Generally Shell type core is preferred for High frequency transformer. The prime reason for selecting shell type topology of core for high frequency application is the 3^{rd} harmonic components will circulate with in primary without entering in to the secondary power circuit which is similar to “delta connection”. Also as the flux divides in the outer limbs it offers less core losses. The commonly used shell core is EE - Core. In general CRGO (Cold Rolled Grain Oriented) Silicon Steel Ferromagnetic material is used as magnetic core for Power transformers and Distribution transformers. How so ever in some of the distribution transformers “Amorphous Core” is used. But in High frequency transformers generally “Ferrite Cores” are used. Commonly for frequencies less than 5 MHz manganese-zinc ferrites are used above which nickel-zinc ferrites are of common choice. These ferrites offers very low coercivity, that means the material's magnetization can easily in reverse direction without dissipating much energy (hysteresis losses), Even they do not need core lamination to reduce “Eddy Current” losses as the Powder core itself offers High resistance. Only concern with ferrites is its operating maximum flux density is limited to maximum of 0.5 T while it is a maximum of 2.2 T for ferromagnetic cores and 1.8 T for amorphous cores.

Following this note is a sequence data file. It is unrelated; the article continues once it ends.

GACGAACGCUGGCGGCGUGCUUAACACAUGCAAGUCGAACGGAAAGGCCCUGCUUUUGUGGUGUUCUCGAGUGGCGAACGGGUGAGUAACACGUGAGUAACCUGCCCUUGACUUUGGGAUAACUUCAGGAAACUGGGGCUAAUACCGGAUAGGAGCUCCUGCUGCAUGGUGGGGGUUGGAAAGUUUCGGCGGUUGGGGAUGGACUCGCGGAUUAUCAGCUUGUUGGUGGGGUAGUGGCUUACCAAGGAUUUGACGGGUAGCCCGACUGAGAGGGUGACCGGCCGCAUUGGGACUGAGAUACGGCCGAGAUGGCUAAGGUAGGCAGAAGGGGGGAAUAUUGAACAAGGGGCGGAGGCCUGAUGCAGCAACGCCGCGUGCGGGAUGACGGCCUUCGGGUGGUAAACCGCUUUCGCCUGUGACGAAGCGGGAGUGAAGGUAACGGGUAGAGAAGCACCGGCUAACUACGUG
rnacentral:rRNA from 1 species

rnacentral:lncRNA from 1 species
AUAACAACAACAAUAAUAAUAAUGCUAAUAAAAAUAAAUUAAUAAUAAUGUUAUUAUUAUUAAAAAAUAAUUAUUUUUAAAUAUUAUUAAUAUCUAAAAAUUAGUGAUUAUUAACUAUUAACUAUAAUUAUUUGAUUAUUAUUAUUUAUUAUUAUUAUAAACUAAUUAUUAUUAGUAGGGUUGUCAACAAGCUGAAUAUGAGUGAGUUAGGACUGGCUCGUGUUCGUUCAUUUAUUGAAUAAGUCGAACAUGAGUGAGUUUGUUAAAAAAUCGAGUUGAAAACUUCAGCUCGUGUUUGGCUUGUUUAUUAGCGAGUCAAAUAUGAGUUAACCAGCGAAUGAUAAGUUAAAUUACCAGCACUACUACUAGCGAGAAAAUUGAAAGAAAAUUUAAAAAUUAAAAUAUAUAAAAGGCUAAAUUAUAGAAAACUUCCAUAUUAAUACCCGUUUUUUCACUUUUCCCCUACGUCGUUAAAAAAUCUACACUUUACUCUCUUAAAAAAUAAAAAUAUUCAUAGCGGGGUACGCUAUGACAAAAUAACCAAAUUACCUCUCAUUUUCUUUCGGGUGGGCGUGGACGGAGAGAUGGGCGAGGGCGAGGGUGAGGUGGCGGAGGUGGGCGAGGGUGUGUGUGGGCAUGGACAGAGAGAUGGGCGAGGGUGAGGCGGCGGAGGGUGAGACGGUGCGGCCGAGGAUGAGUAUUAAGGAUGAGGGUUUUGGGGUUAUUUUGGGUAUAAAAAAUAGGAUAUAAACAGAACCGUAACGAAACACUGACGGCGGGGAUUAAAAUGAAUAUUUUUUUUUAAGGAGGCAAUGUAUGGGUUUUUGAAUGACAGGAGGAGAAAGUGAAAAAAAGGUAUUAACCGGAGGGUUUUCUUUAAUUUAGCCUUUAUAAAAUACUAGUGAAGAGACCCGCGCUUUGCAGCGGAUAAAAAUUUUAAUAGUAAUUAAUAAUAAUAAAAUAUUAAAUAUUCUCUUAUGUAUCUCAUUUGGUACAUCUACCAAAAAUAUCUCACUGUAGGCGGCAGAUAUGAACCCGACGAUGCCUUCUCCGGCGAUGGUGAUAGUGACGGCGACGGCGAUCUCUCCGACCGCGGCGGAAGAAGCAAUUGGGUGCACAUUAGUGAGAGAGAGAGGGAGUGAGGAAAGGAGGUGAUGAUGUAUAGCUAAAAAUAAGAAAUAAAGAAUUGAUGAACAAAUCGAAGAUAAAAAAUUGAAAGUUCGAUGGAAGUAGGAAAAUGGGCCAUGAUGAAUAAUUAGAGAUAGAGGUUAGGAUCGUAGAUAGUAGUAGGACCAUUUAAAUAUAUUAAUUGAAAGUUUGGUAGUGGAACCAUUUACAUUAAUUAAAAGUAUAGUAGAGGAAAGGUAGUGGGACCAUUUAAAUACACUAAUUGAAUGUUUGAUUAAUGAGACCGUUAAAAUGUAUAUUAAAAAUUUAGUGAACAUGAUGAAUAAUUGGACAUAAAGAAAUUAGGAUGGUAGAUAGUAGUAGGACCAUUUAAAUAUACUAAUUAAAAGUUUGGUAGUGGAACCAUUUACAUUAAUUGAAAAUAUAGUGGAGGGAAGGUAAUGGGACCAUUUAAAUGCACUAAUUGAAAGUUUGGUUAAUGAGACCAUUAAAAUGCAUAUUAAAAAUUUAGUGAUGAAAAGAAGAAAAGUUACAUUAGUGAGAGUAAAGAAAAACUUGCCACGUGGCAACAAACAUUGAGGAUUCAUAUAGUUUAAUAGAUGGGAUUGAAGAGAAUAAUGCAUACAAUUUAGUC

Popularly EE Cores is used to form the Shell type High frequency transformer. Its geometric version is as shown below,
Where A_{c} = Effective Core Area of the transformer where the actual magnetic flux passes. A_{w} = Window Area, which provides the accommodation to primary winding, secondary winding and a portion of it to the insulation. Deducing a relation for A_{c} (Core Area) and A_{w} (Window Area) :
The high frequency transformers are also called Pulse transformer as the input voltage wave form commonly applied to it is a pulse train as depicted in the figure below. The flux waveform is also shown in it which is integral of voltage waveform from the relation
Faradays law of electromagnetic induction.
Where T_{s} = total switching time period
**A) From the above waveform we shall now derive a relationship for Aw (Core Area) :**
**B) Secondly we shall derive an equation for Aw (Window Area) :**
Let, a_{1} = area of primary winding